“We believe the local Registrar’s procedures are discriminatory and unlawful and have resulted in hundreds of students being unable to register and vote in Radford. The Registrar is not entitled to presume that students are not ‘really’ citizens of Radford and to place discriminatory requirements upon students attempting to register and vote in their community.” said Monica Youn at the Brennan Center for Justice.
“We are concerned that there is a pattern across Virginia of arbitrary and unlawful barriers to student voting rights, and this is a particularly bad example of it. Students have a right to vote not only in national elections, but in local elections and on the issues that affect the community where they live. We will consider the need to litigate these issues not only in Radford but in any jurisdiction that places these barriers in the path of eligible citizens.” said Wendy Weiser of the Brennan Center.
The letter submitted yesterday explained that Registrar Howard’s procedures violate Virginia law, explicit guidelines issued by the State Board of Elections stating that dorm room addresses are acceptable residencies for voting purposes, and the U.S. Constitution.
“Students living on campus have the same right to vote as any other resident of the community. If they registered using dormitory addresses, they have provided sufficient information to vote, end of story. With so much voter enthusiasm this election, it is a shame that officials are taking steps to block eligible voters just as they are trying to participate as voters in our democracy for the first time,” said Rebecca Glenberg, ACLU attorney.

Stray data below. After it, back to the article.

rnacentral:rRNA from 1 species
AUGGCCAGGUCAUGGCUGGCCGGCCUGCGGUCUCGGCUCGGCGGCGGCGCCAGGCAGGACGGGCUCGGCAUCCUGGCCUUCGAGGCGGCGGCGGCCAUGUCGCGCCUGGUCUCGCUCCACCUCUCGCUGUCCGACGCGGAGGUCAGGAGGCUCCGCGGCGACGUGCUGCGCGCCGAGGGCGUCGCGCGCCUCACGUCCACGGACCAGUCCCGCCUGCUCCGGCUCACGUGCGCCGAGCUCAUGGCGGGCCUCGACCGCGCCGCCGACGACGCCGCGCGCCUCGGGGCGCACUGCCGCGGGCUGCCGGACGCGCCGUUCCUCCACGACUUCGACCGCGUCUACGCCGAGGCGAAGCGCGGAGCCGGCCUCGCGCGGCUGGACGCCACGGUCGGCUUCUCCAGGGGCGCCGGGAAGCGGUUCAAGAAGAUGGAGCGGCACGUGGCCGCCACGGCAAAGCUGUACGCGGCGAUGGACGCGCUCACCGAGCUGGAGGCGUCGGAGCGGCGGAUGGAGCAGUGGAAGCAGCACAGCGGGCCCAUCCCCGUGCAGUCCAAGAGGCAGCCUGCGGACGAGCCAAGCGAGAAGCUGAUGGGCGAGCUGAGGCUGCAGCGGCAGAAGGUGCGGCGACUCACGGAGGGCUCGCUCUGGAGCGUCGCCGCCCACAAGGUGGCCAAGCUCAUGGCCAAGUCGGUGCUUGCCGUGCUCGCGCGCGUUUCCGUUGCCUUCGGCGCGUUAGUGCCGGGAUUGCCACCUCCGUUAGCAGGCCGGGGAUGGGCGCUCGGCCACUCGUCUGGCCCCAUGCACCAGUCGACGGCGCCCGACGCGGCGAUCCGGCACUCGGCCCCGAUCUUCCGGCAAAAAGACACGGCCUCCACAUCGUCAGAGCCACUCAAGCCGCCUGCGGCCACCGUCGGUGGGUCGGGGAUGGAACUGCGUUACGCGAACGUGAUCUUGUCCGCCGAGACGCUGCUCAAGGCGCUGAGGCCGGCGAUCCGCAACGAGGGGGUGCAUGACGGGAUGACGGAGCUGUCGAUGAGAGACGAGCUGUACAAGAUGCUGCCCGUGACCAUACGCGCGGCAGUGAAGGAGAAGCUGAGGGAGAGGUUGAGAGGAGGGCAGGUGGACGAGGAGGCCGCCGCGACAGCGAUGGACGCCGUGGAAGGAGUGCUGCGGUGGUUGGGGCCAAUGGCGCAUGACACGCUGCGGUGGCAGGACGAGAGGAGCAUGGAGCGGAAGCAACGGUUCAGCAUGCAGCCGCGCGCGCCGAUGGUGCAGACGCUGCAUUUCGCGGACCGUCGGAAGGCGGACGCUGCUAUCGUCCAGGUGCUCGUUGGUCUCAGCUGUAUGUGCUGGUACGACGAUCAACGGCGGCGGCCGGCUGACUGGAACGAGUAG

In their letter the voting rights advocates urged Mr. Howard to remedy the situation on Election Day, by providing poll workers with lists of all individuals who were rejected after submitting registrations listing a university address for a residency address. Upon affirming that they have not voted or registered elsewhere, these registrants should be able to cast regular ballots.
“We hope the Registrar will provide immediate assurances that election officials will ensure both that no student will be kept off the rolls for failure to return a postcard, phone call, email or letter asking them to restate their ‘home address,' and that all students who submitted registration applications using dorm addresses will have the opportunity to cast regular ballots, if they have not been able to register or vote elsewhere,” explained Jennifer Rosenberg of the Brennan Center.
“Any students who are confused about their registration status or face challenges at the polls when they go to vote should contact the Election Protection hotline at 866-OUR-VOTE. Students should not forget that they have the right to cast a vote that counts,” said Jon Greenbaum of the Lawyers’ Committee for Civil Rights Under Law.
The complete letter submitted on Wednesday, October 29, 2008 is available here.
For more information on student voting rights, visit the Brennan Center’s Legal Guide to Student Voting here.